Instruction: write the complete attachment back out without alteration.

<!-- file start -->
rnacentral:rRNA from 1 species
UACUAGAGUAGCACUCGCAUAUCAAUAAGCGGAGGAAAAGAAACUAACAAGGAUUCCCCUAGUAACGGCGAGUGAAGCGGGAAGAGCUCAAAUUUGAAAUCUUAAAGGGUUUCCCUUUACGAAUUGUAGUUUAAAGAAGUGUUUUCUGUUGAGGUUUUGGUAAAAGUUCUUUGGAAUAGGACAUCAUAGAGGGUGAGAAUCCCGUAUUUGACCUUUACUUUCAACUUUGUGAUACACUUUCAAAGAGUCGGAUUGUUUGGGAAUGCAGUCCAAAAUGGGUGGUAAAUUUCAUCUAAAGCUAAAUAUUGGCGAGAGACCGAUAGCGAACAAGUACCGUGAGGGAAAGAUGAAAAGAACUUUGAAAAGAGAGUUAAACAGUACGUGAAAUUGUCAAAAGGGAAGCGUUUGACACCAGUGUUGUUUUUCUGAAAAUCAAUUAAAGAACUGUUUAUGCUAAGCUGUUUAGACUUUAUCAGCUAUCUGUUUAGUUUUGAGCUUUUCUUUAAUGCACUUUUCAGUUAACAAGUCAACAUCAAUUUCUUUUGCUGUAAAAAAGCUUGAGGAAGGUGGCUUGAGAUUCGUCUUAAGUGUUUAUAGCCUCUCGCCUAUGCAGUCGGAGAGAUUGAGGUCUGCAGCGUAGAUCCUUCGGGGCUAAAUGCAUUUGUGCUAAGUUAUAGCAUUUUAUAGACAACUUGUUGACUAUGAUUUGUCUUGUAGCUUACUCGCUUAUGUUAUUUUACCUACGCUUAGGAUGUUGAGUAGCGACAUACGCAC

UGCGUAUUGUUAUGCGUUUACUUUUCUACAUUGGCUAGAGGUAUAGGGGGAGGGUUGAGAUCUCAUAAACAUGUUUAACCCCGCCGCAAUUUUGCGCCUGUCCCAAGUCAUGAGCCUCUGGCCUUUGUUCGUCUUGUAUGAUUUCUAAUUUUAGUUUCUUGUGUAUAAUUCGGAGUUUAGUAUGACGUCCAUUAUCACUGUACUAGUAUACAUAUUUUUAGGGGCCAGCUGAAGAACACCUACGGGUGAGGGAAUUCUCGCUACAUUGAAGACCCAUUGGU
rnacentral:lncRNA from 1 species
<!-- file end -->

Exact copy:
rnacentral:rRNA from 1 species
UACUAGAGUAGCACUCGCAUAUCAAUAAGCGGAGGAAAAGAAACUAACAAGGAUUCCCCUAGUAACGGCGAGUGAAGCGGGAAGAGCUCAAAUUUGAAAUCUUAAAGGGUUUCCCUUUACGAAUUGUAGUUUAAAGAAGUGUUUUCUGUUGAGGUUUUGGUAAAAGUUCUUUGGAAUAGGACAUCAUAGAGGGUGAGAAUCCCGUAUUUGACCUUUACUUUCAACUUUGUGAUACACUUUCAAAGAGUCGGAUUGUUUGGGAAUGCAGUCCAAAAUGGGUGGUAAAUUUCAUCUAAAGCUAAAUAUUGGCGAGAGACCGAUAGCGAACAAGUACCGUGAGGGAAAGAUGAAAAGAACUUUGAAAAGAGAGUUAAACAGUACGUGAAAUUGUCAAAAGGGAAGCGUUUGACACCAGUGUUGUUUUUCUGAAAAUCAAUUAAAGAACUGUUUAUGCUAAGCUGUUUAGACUUUAUCAGCUAUCUGUUUAGUUUUGAGCUUUUCUUUAAUGCACUUUUCAGUUAACAAGUCAACAUCAAUUUCUUUUGCUGUAAAAAAGCUUGAGGAAGGUGGCUUGAGAUUCGUCUUAAGUGUUUAUAGCCUCUCGCCUAUGCAGUCGGAGAGAUUGAGGUCUGCAGCGUAGAUCCUUCGGGGCUAAAUGCAUUUGUGCUAAGUUAUAGCAUUUUAUAGACAACUUGUUGACUAUGAUUUGUCUUGUAGCUUACUCGCUUAUGUUAUUUUACCUACGCUUAGGAUGUUGAGUAGCGACAUACGCAC

UGCGUAUUGUUAUGCGUUUACUUUUCUACAUUGGCUAGAGGUAUAGGGGGAGGGUUGAGAUCUCAUAAACAUGUUUAACCCCGCCGCAAUUUUGCGCCUGUCCCAAGUCAUGAGCCUCUGGCCUUUGUUCGUCUUGUAUGAUUUCUAAUUUUAGUUUCUUGUGUAUAAUUCGGAGUUUAGUAUGACGUCCAUUAUCACUGUACUAGUAUACAUAUUUUUAGGGGCCAGCUGAAGAACACCUACGGGUGAGGGAAUUCUCGCUACAUUGAAGACCCAUUGGU
rnacentral:lncRNA from 1 species